The Kingdom of Hawaii was settled by Polynesians and their skin color tones is whiter than European white to blacker than African black and every skin tone in between but DNA and Y chromosome testing of “100% native blood subjects” by anthropologists shows no direct straight line link to Africa or European countries but to the Asian countries.

    Hawaii is the northern most point of the Polynesian Triangle, Rapa Nui (Easter Island near South America to east) and Aotearoa (New Zealand
    near Australia to west) an area in the Pacific Ocean. The Polynesian Triangle is the largest nation on Earth, more than 1,000 islands spread over some 16 million square miles of ocean; larger than Russia, Canada and the United States combined which the Polynesians freely sailed back and forth island to island without any means of navigational tools or maps except Polynesian Wayfinding Techniques reading moon, stars, sun, clouds, waves, swells, rain, fish, winds and birds for guidance traveling point to point. The Hawaiian Polynesian ancient exact replica of an ocean going 40 ft. double hull voyaging canoe called Hōkūle‘a constructed with only hand tools and man-made rope to hold it together from trees for the last 45 years has repeatedly sailed and covered all of the Pacific Ocean point to point and is currently finishing last year of a 4 year sail around the world sail to prove to the world Polynesian Wayfinding Techniques (crew members are not allowed to have any modern day computers, maps, wrist watches, radio, cellphone or any other electronic device on board) were
    able to sail the world thus dispelling a lot of written history about who was
    first to discover.

    During 1700s and 1800s many people of color came to Hawaii as sailors on merchant and whaling ships out of New England. Some jumped ship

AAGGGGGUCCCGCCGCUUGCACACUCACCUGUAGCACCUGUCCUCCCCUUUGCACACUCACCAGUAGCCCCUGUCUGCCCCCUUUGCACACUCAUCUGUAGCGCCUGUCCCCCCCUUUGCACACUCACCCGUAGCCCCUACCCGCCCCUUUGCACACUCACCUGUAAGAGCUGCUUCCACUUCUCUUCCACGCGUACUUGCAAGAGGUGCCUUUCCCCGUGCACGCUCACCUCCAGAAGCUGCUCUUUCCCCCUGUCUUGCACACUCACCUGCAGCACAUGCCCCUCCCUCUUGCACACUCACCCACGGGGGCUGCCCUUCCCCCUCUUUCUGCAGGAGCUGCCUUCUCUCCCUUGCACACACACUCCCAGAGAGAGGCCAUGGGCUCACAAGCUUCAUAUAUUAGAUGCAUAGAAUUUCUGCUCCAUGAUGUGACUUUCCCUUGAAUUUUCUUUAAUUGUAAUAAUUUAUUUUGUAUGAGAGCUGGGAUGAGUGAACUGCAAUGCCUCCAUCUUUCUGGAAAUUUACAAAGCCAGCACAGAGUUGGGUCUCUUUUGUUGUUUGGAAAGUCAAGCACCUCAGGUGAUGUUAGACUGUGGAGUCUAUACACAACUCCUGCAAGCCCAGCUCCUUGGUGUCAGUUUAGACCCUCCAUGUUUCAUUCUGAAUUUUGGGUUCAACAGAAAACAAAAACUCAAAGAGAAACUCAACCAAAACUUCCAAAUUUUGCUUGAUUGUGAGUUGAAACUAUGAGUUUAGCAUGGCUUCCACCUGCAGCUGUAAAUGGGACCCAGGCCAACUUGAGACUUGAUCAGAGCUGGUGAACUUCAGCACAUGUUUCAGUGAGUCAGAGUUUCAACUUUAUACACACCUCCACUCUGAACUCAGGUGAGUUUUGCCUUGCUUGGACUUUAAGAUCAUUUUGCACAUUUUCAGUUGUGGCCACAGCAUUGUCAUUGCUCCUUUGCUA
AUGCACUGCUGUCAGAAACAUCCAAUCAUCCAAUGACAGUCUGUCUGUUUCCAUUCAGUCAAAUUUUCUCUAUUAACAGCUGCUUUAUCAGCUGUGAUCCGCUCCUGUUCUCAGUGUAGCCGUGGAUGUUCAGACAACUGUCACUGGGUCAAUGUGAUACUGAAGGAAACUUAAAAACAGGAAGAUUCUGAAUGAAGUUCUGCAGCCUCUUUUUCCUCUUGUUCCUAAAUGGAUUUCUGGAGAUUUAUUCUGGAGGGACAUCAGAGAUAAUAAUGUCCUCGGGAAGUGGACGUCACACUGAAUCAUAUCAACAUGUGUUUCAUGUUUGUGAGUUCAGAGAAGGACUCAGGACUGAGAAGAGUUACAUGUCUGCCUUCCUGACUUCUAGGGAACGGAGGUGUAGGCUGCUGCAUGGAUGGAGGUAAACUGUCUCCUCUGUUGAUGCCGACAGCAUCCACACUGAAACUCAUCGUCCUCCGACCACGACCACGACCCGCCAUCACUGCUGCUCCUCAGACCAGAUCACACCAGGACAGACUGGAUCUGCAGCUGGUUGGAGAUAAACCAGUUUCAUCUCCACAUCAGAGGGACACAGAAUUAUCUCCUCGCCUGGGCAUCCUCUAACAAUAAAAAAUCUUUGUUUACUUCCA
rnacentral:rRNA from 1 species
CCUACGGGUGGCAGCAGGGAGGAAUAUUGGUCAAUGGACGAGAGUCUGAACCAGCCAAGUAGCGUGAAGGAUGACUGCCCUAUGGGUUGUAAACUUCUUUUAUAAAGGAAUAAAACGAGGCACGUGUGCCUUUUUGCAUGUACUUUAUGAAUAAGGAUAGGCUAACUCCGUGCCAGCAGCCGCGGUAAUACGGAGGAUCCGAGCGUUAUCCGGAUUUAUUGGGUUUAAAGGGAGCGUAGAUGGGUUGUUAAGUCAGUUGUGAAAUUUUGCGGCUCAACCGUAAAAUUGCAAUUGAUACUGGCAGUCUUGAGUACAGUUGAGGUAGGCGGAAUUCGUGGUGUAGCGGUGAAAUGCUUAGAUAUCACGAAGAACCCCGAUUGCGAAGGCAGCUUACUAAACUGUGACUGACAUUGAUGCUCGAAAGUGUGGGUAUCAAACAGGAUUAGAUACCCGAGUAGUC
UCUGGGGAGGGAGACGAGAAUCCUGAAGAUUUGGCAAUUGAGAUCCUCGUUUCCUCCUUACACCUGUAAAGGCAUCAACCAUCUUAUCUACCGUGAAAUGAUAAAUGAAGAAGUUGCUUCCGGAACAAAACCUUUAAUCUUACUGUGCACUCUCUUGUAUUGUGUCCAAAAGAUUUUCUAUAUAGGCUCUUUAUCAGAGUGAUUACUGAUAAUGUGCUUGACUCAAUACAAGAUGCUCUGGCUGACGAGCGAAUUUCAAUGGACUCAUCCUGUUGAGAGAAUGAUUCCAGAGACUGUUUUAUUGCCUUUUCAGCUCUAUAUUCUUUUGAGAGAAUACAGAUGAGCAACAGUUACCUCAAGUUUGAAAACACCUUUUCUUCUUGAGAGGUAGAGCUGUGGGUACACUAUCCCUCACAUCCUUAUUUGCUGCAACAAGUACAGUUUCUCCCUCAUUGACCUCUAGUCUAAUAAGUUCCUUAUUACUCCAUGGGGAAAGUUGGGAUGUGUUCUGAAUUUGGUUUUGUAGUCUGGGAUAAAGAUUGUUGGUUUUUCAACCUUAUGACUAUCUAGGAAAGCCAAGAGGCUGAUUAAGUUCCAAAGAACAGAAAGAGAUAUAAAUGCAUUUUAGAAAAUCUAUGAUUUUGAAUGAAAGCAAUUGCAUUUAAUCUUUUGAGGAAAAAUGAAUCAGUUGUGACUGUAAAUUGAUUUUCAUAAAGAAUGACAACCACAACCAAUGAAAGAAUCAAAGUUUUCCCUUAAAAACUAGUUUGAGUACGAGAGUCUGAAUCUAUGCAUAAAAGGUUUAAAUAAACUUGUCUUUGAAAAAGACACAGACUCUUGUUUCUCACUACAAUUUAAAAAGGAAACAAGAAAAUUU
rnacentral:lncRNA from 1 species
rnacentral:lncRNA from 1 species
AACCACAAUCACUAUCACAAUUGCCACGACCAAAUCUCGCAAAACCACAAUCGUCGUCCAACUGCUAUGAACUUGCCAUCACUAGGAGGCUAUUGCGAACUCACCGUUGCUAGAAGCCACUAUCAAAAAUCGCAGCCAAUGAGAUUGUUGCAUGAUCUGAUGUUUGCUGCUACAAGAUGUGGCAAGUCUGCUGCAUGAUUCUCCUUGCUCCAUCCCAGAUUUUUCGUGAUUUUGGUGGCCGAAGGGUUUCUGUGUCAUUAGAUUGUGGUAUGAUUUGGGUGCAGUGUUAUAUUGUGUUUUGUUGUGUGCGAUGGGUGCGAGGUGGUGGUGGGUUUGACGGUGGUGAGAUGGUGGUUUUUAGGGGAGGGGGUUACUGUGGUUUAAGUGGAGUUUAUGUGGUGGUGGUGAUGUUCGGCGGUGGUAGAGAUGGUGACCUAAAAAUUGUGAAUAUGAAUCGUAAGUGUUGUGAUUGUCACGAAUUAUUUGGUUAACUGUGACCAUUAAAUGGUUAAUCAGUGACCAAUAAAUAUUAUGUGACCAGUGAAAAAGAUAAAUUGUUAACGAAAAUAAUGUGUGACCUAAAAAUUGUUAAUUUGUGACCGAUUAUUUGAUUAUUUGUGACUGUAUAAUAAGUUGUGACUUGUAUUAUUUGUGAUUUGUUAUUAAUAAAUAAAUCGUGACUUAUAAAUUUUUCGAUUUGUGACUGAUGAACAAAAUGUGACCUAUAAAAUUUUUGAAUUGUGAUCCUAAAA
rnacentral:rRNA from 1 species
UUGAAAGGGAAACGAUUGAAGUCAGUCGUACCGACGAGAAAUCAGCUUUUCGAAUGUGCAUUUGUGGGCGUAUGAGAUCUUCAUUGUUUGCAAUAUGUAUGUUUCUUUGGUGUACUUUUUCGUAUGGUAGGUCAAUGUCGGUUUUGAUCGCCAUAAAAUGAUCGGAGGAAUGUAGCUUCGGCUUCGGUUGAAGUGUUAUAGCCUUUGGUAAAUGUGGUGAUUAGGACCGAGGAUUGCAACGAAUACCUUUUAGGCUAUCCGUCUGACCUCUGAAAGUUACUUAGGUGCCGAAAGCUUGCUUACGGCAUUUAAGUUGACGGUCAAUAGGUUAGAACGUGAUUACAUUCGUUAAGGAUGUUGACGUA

while in port and were welcomed into the Hawaiian Kingdom as advisers by the King to the King’s Court or as language interpreters. Because many were skilled, they open shops and became successful businessmen, businesswomen or educators, policemen, judges, doctors, lawyers and educators. Some African-Americans or people of color came as slaves to New England Missionaries and were given their freedom in Hawaii.

    1778 is the first recorded evidence of an African-American person from the mainland arriving in Hawaii and in 1810, African-American Anthony D. Allen from Boston, MA returned to Honolulu to settle there followed by
    African-American Betsey Stockton, educator who taught Hawaiians medicine, sanitary housekeeping and founded the first public school in Hawaii. Pedro “Peter” Jose an African-Cape Verdean of African-Portuguese ancestry, who became a well-loved and well known policeman in Honolulu, African-American Helen James, educator who became principal of prestigious Kamehameha Schools, African-American Thomas
    McCant a very prominent lawyer in Honolulu who was the first African-American to practice law before the Hawaii Supreme Court between 1899 and 1904 and finally African-American Alice Augusta Bell born 1892, scientist, attended University of Washington earning two degrees; pharmaceutical chemistry and a bachelor of science in pharmacy. 1914 Alice returned to Hawaii to study at College of Hawaii (later renamed University of Hawaii) where she earned a Master of Science degree. She was first African-American to graduate University of Hawaii and later returned be first to teach at the University. Alice is credited with discovering the treatment for leprosy and the eventual effectual treatment of the disease (formally known as Hanson’s Disease) to name a few notable Hawaii African-Americans or people of color in a large book of Blacks in Hawaii history most notably the 44th President of the United States of
    America, Barack Obama (first a native born son of Hawaii; second a
    African-American citizen of the United States of America; third first Hawaii
    resident and person of color in United States to be elected president by the
    people).